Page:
Experimental Drug Ketasyn(TM) Improves Memory in Age-Associated Memory Impairment Study

Aug 29, 2007, 01:00 ET from Accera, Inc.

    BROOMFIELD, Colo., Aug. 29 /PRNewswire/ -- Accera, Inc. announced today
 that recent data from a Phase II study of its lead compound Ketasyn(TM)
 (AC- 1202) in age-associated memory impairment (AAMI) showed that Ketasyn
 has a positive and clinically meaningful effect on memory in older adults.
     AAMI is the decline in memory that occurs during the natural course of
 aging, The National Institute of Mental Health criteria for AAMI include
 complaints of gradual memory loss in everyday problems in persons more than
 50 years of age. AAMI affects an estimated 10-15 million people in the
 U.S., and may be a precursor to Alzheimer's disease (AD), which is expected
 to afflict 11-16 million Americans in the next 40 years.
     AAMI symptoms may be related to declines in glucose metabolism in the
 brain that are also associated with aging. Glucose is the brain's primary
 fuel source, so aging brains with impaired glucose metabolism require an
 alternative source of energy. Ketasyn is an orally available compound that
 is metabolized into ketone bodies, which the brain can use for energy even
 when its ability to process glucose is impaired.
     "The results of this study support the hypothesis that providing
 additional energy reserves to the elderly brain improves a variety of
 cognitive activities. They also provide further evidence of the roles that
 glucose and insulin metabolism plays in cognition and memory," said Dr.
 Lauren Costantini, Accera's vice president of clinical development. "As in
 our earlier successful clinical studies in Alzheimer's disease, Ketasyn was
 well tolerated by subjects in the AAMI study and we are encouraged by the
 strong efficacy data."
     The randomized, double-blind, placebo-controlled, parallel,
 multi-center trial was conducted at six centers in the United States. One
 hundred fifty- nine subjects diagnosed with AAMI received either Ketasyn or
 placebo for 90 days followed by a two-week washout period. Mean age in this
 study was 65. Subjects underwent genomic testing for variations in the
 coding regions of genes known to influence memory and cognition, including
 the apolipoprotein E gene (APOE), a known genetic risk factor for
 Alzheimer's disease (AD) that occurs in 15-20% of the general population.
 On days 0, 30, 60, 90 and 104, subjects were evaluated through a battery of
 neuropsychometric tests that measure various aspects of memory and
     Ketasyn showed significant efficacy in tests of memory. On average,
 subjects taking Ketasyn performed significantly better on the 'First-Last
 Name Association' test (FLN) than subjects taking placebo (p=0.042). "On
 average, seniors taking Ketasyn remembered more names than those taking
 placebo," said Dr. Costantini.
     In another memory test called Name-Face Recognition (NFA), which
 associates a person's name and face, Ketasyn subjects under age 59 improved
 significantly more than placebo subjects at Day 90 (p=0.0217). The efficacy
 in the NFA test observed with Ketasyn in subjects under age 59 captures a
 large portion of the AAMI population.
     Consistent with the findings of Accera's Phase IIa and IIb AD studies,
 subjects who did not have the APOE4 genotype (E4(-)) responded particularly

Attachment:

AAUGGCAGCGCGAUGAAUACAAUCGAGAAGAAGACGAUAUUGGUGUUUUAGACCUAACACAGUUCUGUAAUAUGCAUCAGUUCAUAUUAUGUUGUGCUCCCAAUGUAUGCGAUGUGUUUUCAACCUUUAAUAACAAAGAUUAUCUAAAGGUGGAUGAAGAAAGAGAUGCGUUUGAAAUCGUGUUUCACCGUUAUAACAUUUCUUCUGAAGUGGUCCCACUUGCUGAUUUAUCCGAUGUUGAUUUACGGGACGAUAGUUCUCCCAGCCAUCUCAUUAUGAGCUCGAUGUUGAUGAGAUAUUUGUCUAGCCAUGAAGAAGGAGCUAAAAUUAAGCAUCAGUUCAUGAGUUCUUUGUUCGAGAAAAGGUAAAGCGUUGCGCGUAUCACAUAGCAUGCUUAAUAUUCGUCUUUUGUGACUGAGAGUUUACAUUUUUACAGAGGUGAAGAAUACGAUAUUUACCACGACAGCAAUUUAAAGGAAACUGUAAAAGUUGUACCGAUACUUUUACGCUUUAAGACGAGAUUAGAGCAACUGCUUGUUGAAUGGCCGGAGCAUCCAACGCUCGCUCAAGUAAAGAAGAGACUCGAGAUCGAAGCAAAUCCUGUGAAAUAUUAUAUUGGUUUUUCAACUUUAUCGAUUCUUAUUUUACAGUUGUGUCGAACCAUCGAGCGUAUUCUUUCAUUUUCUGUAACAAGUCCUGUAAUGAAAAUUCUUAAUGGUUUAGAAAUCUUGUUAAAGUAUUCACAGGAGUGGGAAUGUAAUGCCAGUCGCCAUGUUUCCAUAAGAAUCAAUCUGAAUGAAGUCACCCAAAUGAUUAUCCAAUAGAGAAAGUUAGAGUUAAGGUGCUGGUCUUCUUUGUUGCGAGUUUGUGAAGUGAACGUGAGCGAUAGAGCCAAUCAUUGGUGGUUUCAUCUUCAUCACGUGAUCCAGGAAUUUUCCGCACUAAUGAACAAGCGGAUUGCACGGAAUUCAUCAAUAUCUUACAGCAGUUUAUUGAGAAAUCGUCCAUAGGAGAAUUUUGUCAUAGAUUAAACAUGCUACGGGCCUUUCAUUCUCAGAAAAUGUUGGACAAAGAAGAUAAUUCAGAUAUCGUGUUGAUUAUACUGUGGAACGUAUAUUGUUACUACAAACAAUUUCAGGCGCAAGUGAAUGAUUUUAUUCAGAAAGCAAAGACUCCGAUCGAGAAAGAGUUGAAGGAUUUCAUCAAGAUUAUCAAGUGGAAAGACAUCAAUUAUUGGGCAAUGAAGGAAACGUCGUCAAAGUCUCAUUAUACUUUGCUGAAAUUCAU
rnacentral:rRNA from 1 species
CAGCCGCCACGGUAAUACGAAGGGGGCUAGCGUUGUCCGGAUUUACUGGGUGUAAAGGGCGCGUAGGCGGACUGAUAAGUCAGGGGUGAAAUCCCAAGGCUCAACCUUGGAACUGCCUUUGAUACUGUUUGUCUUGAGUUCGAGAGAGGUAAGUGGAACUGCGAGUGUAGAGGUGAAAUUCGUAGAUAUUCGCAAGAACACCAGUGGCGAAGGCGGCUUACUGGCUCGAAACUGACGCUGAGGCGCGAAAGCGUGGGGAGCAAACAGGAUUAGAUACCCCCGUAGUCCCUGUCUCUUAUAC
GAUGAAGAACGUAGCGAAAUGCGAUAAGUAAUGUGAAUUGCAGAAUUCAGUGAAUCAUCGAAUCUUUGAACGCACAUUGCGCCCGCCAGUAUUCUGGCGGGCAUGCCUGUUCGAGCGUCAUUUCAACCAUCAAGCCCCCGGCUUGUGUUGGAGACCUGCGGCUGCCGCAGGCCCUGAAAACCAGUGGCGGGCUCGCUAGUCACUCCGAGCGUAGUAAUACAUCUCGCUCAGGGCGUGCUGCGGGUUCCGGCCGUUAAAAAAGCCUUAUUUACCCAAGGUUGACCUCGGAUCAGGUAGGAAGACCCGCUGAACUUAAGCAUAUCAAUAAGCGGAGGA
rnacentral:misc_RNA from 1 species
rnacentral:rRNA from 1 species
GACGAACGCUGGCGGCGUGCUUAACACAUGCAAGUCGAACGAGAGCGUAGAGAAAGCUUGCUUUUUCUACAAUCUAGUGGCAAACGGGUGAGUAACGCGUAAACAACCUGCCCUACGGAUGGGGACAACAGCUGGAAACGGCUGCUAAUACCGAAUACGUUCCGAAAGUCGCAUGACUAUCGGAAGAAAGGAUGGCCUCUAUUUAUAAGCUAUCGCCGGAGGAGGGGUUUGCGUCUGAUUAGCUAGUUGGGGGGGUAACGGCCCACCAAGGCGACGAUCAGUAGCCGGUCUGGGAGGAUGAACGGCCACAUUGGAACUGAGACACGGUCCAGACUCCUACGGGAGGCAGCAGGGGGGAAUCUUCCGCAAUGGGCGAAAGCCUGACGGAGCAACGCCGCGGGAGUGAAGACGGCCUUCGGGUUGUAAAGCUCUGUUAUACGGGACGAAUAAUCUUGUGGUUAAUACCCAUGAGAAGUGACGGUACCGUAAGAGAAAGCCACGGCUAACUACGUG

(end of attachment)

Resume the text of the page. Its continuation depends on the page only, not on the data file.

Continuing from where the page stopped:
well to treatment: E4(-) subjects showed a further significant treatment
 effect of Ketasyn in FLN at Day 90 (p=0.012). In contrast, and also
 consistent with the AD trial results, APOE4(+) subjects showed no
 difference between Ketasyn and placebo for FLN scores at Day 90 (p=0.4639).
     The safety profile of Ketasyn was excellent, as shown in the previous
 AD trials with Ketasyn. The incidence of adverse events was low and similar
 between Ketasyn and placebo groups.
     Accera recently completed a Phase IIb clinical trial in AD patients
 that confirmed Ketasyn's safety and efficacy as measured by improvement in
 ADAS-Cog scores, the gold standard measure for efficacy in cognition and
 short-term memory. Accera plans to initiate a pivotal, Phase III
 multi-center clinical trial in early 2008 in mild-to-moderate AD patients.
 This study will focus on several measures of efficacy, including ADAS-Cog,
 safety and the role of insulin regulation in AD.
     About Ketasyn(TM) (AC-1202)
     Brain imaging techniques performed on aging adults and Alzheimer's
 patients reveal a dramatically decreased uptake of glucose, the brain's
 preferred source of energy. Ketasyn(TM) (AC-1202) is an orally available
 compound that is efficiently metabolized by the liver into ketone bodies,
 an alternative energy source that the brain can utilize when glucose
 metabolism is compromised. Ketasyn has disease modifying potential in AD
 and a number other neurodegenerative diseases characterized by decreased
 glucose use in the brain, which is known as neuronal hypometabolism.
     About Accera, Inc.
     Based in Broomfield, CO, Accera, Inc. is a privately held biotechnology
 company focused on developing novel drugs for neurodegenerative diseases.
 The company's lead candidate, AC-1202, is a first-in-class molecule that
 has recently completed Phase II clinical trials for Alzheimer's disease and
 Age- Associated Memory Impairment. Accera has other small molecule
 compounds in its product pipeline for a range of other neurodegenerative
 diseases including Parkinson's disease and Huntington's disease. For more
 information, visit: http://www.accerapharma.com.
      Richard Lewis Communications, Inc.
      Meghan Feeks
      (212) 827-0020

SOURCE Accera, Inc.